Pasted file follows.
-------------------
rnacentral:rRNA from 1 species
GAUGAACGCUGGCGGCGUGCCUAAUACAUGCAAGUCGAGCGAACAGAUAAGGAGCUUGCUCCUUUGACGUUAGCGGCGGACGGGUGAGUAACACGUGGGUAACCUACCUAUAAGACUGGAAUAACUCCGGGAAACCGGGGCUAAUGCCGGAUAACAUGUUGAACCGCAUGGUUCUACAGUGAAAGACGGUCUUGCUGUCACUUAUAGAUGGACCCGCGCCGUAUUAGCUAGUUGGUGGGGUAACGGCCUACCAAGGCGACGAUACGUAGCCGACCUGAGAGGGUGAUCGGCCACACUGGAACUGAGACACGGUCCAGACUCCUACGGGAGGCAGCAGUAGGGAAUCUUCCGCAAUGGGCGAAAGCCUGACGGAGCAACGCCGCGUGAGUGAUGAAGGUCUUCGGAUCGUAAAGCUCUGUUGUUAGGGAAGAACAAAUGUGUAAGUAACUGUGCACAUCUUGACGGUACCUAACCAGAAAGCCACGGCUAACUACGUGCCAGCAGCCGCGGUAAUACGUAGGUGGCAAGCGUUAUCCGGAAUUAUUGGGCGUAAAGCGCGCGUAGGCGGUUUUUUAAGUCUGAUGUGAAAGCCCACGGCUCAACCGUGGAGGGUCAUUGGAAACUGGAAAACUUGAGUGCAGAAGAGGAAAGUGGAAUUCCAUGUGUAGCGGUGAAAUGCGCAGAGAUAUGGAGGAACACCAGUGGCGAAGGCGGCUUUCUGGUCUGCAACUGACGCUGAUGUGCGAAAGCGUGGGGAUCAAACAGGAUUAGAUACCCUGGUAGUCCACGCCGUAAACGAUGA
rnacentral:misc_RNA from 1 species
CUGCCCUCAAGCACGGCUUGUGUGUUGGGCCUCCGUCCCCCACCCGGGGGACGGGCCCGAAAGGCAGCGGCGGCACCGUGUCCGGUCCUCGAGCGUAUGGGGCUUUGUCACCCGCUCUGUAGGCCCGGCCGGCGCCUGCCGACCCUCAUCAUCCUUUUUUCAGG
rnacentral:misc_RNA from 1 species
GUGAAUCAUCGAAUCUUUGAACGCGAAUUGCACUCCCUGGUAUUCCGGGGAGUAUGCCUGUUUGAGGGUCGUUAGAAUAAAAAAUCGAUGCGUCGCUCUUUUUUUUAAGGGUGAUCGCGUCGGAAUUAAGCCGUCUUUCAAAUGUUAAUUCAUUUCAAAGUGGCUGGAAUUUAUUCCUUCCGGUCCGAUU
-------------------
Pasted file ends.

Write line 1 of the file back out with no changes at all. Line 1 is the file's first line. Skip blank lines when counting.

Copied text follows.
rnacentral:rRNA from 1 species